Trafficking in the Sahel: Muzzling the illicit arms trade
Shoppers in Mali’s Gao, Timbuktu, and Ménaka regions can snap up AK-pattern assault rifles for $750 and cartridges for 70 cents apiece, from locally handcrafted pistols to smuggled French and Turkish machine guns, as a dizzying array of illegal weaponry dots market stalls across the Sahel, a 6,000-kilometre-wide belt in the middle of Africa.
In this feature, part of a series exploring the fight against trafficking in the Sahel, UN News focuses on the illegal arms trade that is fuelling conflict and terrorism.
In the Sahel, home to 300 million people, it’s a buyer’s market for guns. Insurgency and banditry plague the region, rooted in, among other things, endemic intercommunal tensions, clashes between farmers and herders, a spread of violent religious extremism, and competition over such scarce resources as water and arable land amid extreme climate shocks.
“Non-State groups are fighting among themselves for supremacy, pushing States to the margin, and causing untold misery to millions of people who had to flee their communities to seek safety,” Giovanie Biha, Officer-in-Charge of the United Nations Office for West Africa and the Sahel (UNOWAS), told the UN Security Council, presenting the Secretary-General’s report on the region.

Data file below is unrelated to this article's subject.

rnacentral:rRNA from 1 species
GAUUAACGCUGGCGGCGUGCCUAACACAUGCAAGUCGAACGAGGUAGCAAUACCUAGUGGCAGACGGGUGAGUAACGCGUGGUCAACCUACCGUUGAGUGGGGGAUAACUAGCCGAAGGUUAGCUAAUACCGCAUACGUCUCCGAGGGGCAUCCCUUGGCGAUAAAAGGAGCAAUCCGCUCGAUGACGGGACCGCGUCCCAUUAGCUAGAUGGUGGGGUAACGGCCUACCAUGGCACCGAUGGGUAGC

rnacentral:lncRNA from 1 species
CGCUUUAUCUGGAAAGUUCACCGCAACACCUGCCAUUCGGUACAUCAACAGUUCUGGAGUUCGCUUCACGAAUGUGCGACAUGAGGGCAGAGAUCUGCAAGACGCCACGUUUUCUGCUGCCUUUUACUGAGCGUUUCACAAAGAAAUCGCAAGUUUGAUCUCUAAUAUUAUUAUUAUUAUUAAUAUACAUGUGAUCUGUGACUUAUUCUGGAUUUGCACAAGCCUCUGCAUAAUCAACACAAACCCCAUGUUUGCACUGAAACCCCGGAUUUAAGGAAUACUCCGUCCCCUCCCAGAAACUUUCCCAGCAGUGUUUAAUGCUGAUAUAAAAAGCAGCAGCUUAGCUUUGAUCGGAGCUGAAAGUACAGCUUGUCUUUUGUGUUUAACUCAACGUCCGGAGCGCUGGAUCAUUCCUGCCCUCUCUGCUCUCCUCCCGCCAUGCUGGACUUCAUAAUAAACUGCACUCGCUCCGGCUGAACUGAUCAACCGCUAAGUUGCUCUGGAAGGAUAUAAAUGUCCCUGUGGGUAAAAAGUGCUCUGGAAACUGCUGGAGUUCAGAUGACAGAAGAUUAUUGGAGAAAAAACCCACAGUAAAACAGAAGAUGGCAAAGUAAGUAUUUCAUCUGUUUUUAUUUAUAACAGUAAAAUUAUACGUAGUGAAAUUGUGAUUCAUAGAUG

‘We bought more rifles’
Behind the chaos and misery simmers a thriving illicit arms trade.
Many arms trafficking hubs in the Sahel rim borders or transportation routes where multiple criminal activities take place, according to the UN Office on Drugs and Crime (UNODC). Illegal markets – often hidden in plain sight in towns and villages along strategic corridors – lay unhampered by the presence of authorities.
All the groups involved in clashes are now dealing with firearms and ammunition, according to a recent UNODC report on firearms trafficking. As the numbers of group members multiply, so too do business opportunities for traffickers.